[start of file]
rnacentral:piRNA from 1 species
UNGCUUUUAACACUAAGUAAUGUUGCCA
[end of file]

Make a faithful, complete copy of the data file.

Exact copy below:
rnacentral:piRNA from 1 species
UNGCUUUUAACACUAAGUAAUGUUGCCA